His Dark Materials V Ender Series
I ought to start by say that the Ender series is easily my favorite series of any genre, ever. So needless to say the more I started to enjoy His dark Materials, the more I started to slow down my reading pay attention to it. The more I started doing this, the more I started to see bits and pieces of the Ender series.
A little background here. Ender’s game was first published in 1985, Speaker for the Dead in 1986, Xenocide in 1991, and Children of the Mind in 1996, with various sequels that are irrelevant to this post published up until last year’s Ender in Exile.
Pullman published The Golden Compass in 1995, The Subtle Knife in 1997, and The Amber Spyglass in 2000.
Why is this important, you may be asking yourselves... Well based on these dates, the bulk of Card’s work was published before even The Golden Compass came into existence. This is important because it seems that Pullman has taken several key themes and ideas.
The first and most profound one is the concept of instantaneous communication over extremely far distances. Though I’m sure card did not generate this idea on his own, he did make it a point to confront the concept and describe it with the sci-fi concept of “Philotic Twining”. In this process, a very small molecule is split, resulting in two halves of the molecule, called Philotes. One piece is kept in one device, while the other piece of the atom is set in the other device. When you vibrate one half of the particle, the other half also vibrates instantaneously, regardless of the distance between the two, and voila, instantaneous communication across infinite distances. Pullman takes this concept and uses it almost word for word to describe how the Gallivesapians communicate with Lord Asriel.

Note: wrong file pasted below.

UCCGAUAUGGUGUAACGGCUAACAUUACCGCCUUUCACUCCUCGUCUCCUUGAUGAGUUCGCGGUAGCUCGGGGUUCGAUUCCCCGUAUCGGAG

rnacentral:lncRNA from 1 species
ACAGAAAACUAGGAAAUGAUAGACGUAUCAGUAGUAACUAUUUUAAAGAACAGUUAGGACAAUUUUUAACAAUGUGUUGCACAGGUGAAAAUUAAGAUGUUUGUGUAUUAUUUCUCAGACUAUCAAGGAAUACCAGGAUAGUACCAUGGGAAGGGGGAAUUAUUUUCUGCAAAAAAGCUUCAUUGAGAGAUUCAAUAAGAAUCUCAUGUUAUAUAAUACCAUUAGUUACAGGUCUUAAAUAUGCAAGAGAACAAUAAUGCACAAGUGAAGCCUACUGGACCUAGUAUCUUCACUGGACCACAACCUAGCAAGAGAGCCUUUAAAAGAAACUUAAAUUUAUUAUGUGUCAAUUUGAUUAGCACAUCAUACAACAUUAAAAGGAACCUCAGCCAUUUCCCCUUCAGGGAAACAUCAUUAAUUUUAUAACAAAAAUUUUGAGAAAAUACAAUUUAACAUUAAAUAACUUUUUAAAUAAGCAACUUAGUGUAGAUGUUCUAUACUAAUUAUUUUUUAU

Because this idea was first described in Ender’s Game in 1985, it stand to reason that Pullman barrowed this from Card.
There are various other examples of similarities between the two. For example, human interaction with an technologically deficient Alien race. In speaker for the dead, Card introduces the sentient race of the Piggies. A group of researchers interacts with this group and slowly introduces human technology to them as well as teaching them to speak English. Sound familiar? It should, Mary was up to the same business when she stumbled into Mulefa.
Another similarity is between dust and the descolada virus which inhabits the home world of the piggies in Speak for the Dead. Unlike the dust, the descolada is a virus, but much like the dust it is a living entity which the organisms on that planet depend upon. The dust serves a suspiciously similar function.
Now I’m not asserting that Pullman flat out ripped off Card, but I am saying that there are a suspicious amount of similarities here. I’ve never looked into it, but maybe Pullman used Card to write his series like Orwell used Zamyatin’s “WE” in order to write “1984”. Or maybe there is a third work that I am unaware of that they both used as inspiration. However, based on the relatively close dates of publication, it would be a true stretch of the imagination to believe that Pullman was in no way influenced by Card.